8. Describe a wedding in your family in a way similar to Vasquez's narration of Pedro and Minerva's wedding, comparing and contrasting the settings and components of the ceremonies and commenting on the similarities and differences. 9. As Pete Sandoval begins to look for a new house in a better neighborhood, Vasquez writes: "It was an old story, but new to Pete. The ghetto protects as well as imprisons." (p. 219) Prepare a report on either: 1) The ways in which the ghetto protects and the ways in which it imprisons; or 2) Instances and images of protection and of imprisonment that occur in the novel. 10. Research and prepare a written or oral report on the arguments for and against the mandatory use, in the United States, of English in schools and business and for all public and political activities? Why or why not should all immigrants and their children be required to speak English within a specific time period?
Your school and public librarians will be able to assist students in finding appropriate books, movies, and Websites -in addition to those listed here-and other materials dealing with the lives of Mexican immigrants to the United States and of Chicanos and other Latinos, the lives of men and women of other ethnic groups, family relationships, and other topics and issues of note in Chicano. Many universities, colleges, and libraries have Chicano, Latino, and/or Hispanic departments programs, or collections. Students may, of course, perform appropriate Web searches to discover sites related to relevant topics. (Neither HarperCollins nor any other individual or organization involved in the production of this teacher's guide is responsible for the content of the books listed here or of Web sites that may be accessed by anyone working with this guide.)
Fiction Julia Alvarez. How the Garcia Girls Lost Their Accents. 1991. Paper: Plume Books, 1992. Rudolfo Anaya. Bless Me, Ultima. 1972. Paper: Warner Books, 1994. Rudolfo Anaya. Heart of Aztlán. 1976. Paper: University of New Mexico Pres, 1988. Richard Bradford. Red Sky at Morning. 1968. Paper: Harper Perennial, 1999. Ana Castillo. So Far from God. 1993. Paper: Plume Books, 1994. Denise Chavez. Face of an Angel. 1994. Paper: Warner Books, 1995. Sandra Cisneros. The House on Mango Street. 1984. Paper: Vintage Books, 1991. Sandra Cisneros. Woman Hollering Creek, and Other Stories. 1991. Paper: Vintage Books, 1992. John Nichols. The Milagro Beanfield War. 1974. Paper: Holt, 2000. Judith Ortiz Cofer. The Meaning of Consuelo. 2003. Paper: Beacon Press, 2005. Tomás Rivera. Y no se lo tragó la tierra/And the Earth Did Not Swallow Him. 1971. Paper (Bilingual Edition): Arte Publico Press, 1987. Henry Roth. Call It Sleep. 1934. Paper: Scribner's, 1997. John Steinbeck. The Grapes of Wrath. 1939. Paper: Penguin Books, 2002. Jose Antonio Villarreal. Pocho. Paper: Anchor Books, 1970. Victor Villaseñor. Rain of Gold. 1991. Paper: Delta Books, 1992. Nonfiction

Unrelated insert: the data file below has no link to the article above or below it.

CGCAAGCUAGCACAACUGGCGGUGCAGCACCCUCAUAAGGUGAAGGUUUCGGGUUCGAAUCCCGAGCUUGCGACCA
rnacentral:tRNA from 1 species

Rudolfo Anaya & Francisco Lomeli, editors. Aztlán: Essays on the Chicano Homeland. El Norte Publications, 1989. Gloria Anzaldúa. La Frontera/Borderlands. 1987. Paper: Aunt Lute Books, 1999. Leo R. Chavez. Shadowed Lives: Undocumented Immigrants in American Society. Paper: Wadsworth Publishing, 1997. Ernesto Galarza. Barrio Boy. Paper: University of Notre Dame Press, 1971. Rodolfo "Corky" Gonzalez. Message to Aztlán: Selected Writings. Paper: Arte Publico Press, 2001. Elva Trevino Hart. Barefoot Heart: Stories of a Migrant Child. Paper: Bilingual Press, 1999l. Maria Herrera-Sobek. Northward Bound: The Mexican Immigrant Experience in Ballad & Song. Indiana University Press, 1993. Tiffany Ana López. Growing Up Chicana/o: An Anthology. 1993. Paper: Avon Books, 1995. Rubén Martínez. Crossing Over: A Mexican Family on the Migrant Trail. 2001. Paper: Picador, 2002. Pat Mora. House of Houses. 1997. Paper: Beacon Press, 2001. Michelle Herrera Mulligan and Robyn Moreno, eds. Border-Line Personalities: A New Generation of Latinas Dish on Sex, Sass, and Cultural Shifting. Paperback: Rayo, 2004. Himilce Novas. Everything You Need to Know about Latino History. Paper (Reissue): Plume Books, 2003. Himilce Novas. The Hispanic 100: A Ranking of the Latino Men and Women Who Have Most Influenced American Thought and Culture. Citadel Press, 1995. Edward James Olmos, Lea Ybarra, & Manuel Monterrey, editors. Americanos: Latino Life in the United States. Little, Brown, 1999. Americo Paredes. With His Pistol in His Hand: A Border Ballad and Its Hero. Paper: University of Texas Press, 1958. Jorge Ramos. Dying to Cross: The Worst Immigration Tragedy in American History. Rayo, 2005. Jesús Salvador Treviño. Eyewitness: A Filmmaker's Memoir of the Chicano Movement. Paper: Arte Publico Press, 2001. Trinidad Sanchez, Jr. Why Am I So Brown? Abrazo Press, 1991. Esmeralda Santiago. When I Was Puerto Rican. 1993. Paper: Da Capo Press, 2005. Luis Albert Urrea. Across the Wire: Life & Hard Times on the Mexican Border. Paper: Anchor Books, 1993. Luis Albert Urrea. The Devil's Highway: A True Story. 2004. Paper: Back Bay Books, 2005. Victor Villaseñor. Burro Genius: A Memoir. 2004. Paper: Rayo, 2005. Victor Villaseñor. Thirteen Senses. 2003. Paper: Rayo, 2004. Oscar Zeta Acosta. The Revolt of the Cockroach People. 1973. Paper: Vintage Books, 1989.